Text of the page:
In Emotionally Pantsed, you maintain an almost post-modern version of feminism; do you feel that honesty and humor are more effective methods of communicating ideas of equality than aggressive rhetoric?  If so, why?

Gosh, thanks.

I think both have tremendous value and importance. Had Suffrage and Women’s Lib been any less aggressive in pursuing their agenda, I don’t think I would have the landscape of opportunities I now have.

It is my preference to utilize humor as a vehicle for communicating the vitality and spirit of feminism and equality. As a society, to achieve equality, awareness and education are imperative.

I hope that each person expresses their idea of feminism and equality in a way that is most comfortable to them.

What are your feelings about modern feminism?

I’m not seeing as much camaraderie amongst women as I’d like to see. There’s a lack of sisterhood and that makes me blue. I’ve noticed that teenage girls and young women lack a strong sense of themselves as women, not realizing how much power they have. There’s a misconception that feminism is comprised of man hating militant chicks, which is completely untrue. I think that comes from lack of education and awareness. There are so many positive women who represent varying degrees and aspects of feminism. I know a lot of feminists and not one of them hate men. I’ve never dated or relationshiped with a man who didn’t love and respect women and feminist ideas. Some women I know in their thirties have abandoned feminism because they think it’s a turn-off to men. That irritates the fuck out of me, I admit it.

I love women, I think we’re fabulous and I want more women to love women. The majority of my girlfriends are feminists by their design and they love women as much as I do.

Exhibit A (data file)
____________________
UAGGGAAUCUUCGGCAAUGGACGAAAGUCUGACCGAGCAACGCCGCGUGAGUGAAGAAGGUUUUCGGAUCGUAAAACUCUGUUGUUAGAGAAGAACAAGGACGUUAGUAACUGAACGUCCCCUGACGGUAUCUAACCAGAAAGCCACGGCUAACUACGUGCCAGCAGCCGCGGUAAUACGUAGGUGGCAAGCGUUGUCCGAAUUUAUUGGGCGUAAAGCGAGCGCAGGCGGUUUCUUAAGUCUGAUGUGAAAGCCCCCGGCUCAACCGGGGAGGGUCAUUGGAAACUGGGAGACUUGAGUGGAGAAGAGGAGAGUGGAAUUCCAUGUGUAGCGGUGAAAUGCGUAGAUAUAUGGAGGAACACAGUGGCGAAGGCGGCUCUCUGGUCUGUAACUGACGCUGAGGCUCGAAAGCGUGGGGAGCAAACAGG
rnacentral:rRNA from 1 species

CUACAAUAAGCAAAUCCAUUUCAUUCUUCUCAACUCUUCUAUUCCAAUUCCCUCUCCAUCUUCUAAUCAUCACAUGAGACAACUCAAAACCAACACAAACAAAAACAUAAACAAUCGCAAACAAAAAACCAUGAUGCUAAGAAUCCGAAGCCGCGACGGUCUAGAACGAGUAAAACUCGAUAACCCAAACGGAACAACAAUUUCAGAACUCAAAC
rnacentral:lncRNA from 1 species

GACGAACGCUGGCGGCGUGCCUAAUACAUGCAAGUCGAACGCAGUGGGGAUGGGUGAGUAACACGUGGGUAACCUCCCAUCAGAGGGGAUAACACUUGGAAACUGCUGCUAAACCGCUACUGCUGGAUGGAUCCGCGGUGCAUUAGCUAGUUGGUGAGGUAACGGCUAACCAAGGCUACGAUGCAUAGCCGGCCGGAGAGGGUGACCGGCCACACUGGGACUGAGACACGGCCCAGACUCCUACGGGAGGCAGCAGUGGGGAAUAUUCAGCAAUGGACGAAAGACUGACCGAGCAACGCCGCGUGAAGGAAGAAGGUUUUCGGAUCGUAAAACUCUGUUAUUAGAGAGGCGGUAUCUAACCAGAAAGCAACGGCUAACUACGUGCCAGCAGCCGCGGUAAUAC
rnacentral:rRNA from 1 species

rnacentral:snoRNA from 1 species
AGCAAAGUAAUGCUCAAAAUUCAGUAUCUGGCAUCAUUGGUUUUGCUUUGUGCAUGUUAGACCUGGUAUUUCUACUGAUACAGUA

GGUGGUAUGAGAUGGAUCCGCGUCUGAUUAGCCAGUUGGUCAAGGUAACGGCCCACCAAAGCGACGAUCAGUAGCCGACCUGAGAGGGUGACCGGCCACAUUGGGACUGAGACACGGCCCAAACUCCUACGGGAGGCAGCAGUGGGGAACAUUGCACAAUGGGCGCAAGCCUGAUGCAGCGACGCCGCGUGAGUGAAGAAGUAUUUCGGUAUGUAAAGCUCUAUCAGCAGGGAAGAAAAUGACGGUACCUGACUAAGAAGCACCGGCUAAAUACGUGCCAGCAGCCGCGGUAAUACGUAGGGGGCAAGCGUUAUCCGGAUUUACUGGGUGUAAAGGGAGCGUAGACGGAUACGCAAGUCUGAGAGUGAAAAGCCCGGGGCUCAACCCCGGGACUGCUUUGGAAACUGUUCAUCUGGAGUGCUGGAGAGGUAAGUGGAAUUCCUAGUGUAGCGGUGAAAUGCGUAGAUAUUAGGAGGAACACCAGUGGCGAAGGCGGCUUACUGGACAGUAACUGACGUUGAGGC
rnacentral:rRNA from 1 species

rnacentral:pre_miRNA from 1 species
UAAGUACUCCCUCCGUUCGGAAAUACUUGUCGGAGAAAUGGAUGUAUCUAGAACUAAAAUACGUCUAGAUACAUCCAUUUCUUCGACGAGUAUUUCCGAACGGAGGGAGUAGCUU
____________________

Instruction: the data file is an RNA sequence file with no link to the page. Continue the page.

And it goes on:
I’ve never trusted women who say, I only have male friends. Or, I don’t like women. How can you not love women if you’re a woman?! How does that make sense? I want to understand it, but have difficulty doing so. Would it kill us to demonstrate a semblance of love and appreciation for each other, is that so much to ask?! I’m not saying all broads should walk down the street saying, Oh, she’s a V, we must BFF right now. That’s not a reality, but you don’t have to stab a girl in the back or behave like a cunt. What does that achieve?! Throw a broad a bone, you got nuttin tah lose and everything to gain. You feel me?

You’re Relationship with Technology:

How do you feel that the Internet has helped writers?

Established writers have broadened their readership and new writers have garnered an audience. It’s a flawless medium to get your work out there. Writers have had their work published in print, online and sold manuscripts look at me. I sold my manuscript to So New Media Publishing, an incredible indie publishing company that publishes web based writers, both established and up and coming. They’re wonderful. Television shows and films have been developed and sold based on viral videos and blogs it’s a breeding ground for burgeoning talent. For budding magazines, zines and indie press/publishing companies, the internet is equally opportunistic. Viral tools and social networking enable content creators to reach millions without spending a dime, that’s sweet, yo. The websicle is also a wonderful place to connect with individuals you might not have access to via phone or post. Send out a lil e-stalk inquiry and chances are the e-stalk-ee will be more receptive to what you’re hawking. If I wasn’t so commitment phobic, I’d marry the internet. Is that creepy?

Do you feel like it might also have its drawbacks?

Sure, it can be addictive and isolating. There’s also a false sense of security. It’s important to be careful and smart. Feel a person out before giving them your personal info, even if it is for networking or a writing gig.

I don’t know if AA has already come up with an internet addiction program to 12-step your way out of it, but I did find this juicy dish, A Free Live Online and Offline Help & Support Group for Internet-a-holics & their Loved Ones. I don’t know anything about the website, but shouldn’t support take place offline? Seems like a cruel joke if the net is an addicts drug of choice. It would be like asking me to discuss my addiction to dairy in front of a buffet with my favorite cheese centric foods. I’d be crawling the walls, ready to shoot up brie.